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One major advance in the P6 architecture was the frontside bus. Before P6, interfaces between processors and the rest of the system were processor-specific. A true system bus, Pawlowski said, understands global addressability and not just processor I/O but system I/O, as well, and offers the opportunity to gang more than one processor and maintain cache coherency.

Intel 80486

Intel 486DX: 15MHz, 33MHz, or 50MHz; 1-micron and 0.8-micron processes (click to enlarge)

The P6's frontside bus used Gunning transceiver logic from Xerox, which was able to scale well and and continue to work as voltages declined. "We only thought it would last two generations, maybe two processor generations," Pawlowski said. Instead, it lasted for about a decade.

Another big step for the P6 architecture was out-of-order execution. "It had the reorder buffer," Pawlowski said. "It was able to look at more than three or four instructions at a time. Even if it could only decode and retire maybe three instructions at a time, it was able to have, potentially – gosh, if I remember right – I'm going to say 36 ... instructions that potentially could be in flight at any one time."

The P6's upgrades, he told us, helped that architecture achieve "performance improvements way above what we were getting with Pentium and the superscaler machine."

But perhaps the most radical – and radically effective – improvement in the P6 architecture, and one that helped out-of-order execution as well, was the translation of IA instructions into smaller, more granular micro-operations, or µops, which were more easily dispatched through the P6's out-of-order, superscalar architecture.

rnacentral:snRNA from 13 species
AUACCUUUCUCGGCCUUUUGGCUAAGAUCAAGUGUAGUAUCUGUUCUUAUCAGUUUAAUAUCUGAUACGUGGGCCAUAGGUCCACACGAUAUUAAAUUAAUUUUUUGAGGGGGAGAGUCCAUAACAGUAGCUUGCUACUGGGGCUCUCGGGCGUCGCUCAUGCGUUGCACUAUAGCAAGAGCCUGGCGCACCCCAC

Intel Pentium

Intel Pentium: 60MHz or 66MHz, 0.8-micron process at introduction (click to enlarge)

As Pawlowski told us, "As I keep telling people today, 'We really do binary translation in hardware in these machines'." The beauty part of binary translation, he said, is that such binary translation to µops can work with different architectures while still keeping full IA compatibility.

"You've got the flexibility of changing the underlying machine," he said, and then rattled off some of those changes. "Every process generation and processor generation, we add better branch prediction, we may add different functional units like the trace cache that was added on Willamette [the first Pentium 4] ... larger vector units, adding a vector unit with AVX and then continuing to extend that, looking at ways to elide locks and make your locks faster but still maintain the semantics of locks because that's what programmers still use, but try to get the speed and limit the impact of contention so that we can just continually improve the processor performance."

All of those changes are more easily accomplished, Pawlowski said, in a processor that has full binary translation – and that's one of the things that the P6 brought to the party.

P6 lasted for three generations – the Pentium Pro, Pentium II, and Pentium III – but it was to make a comeback.

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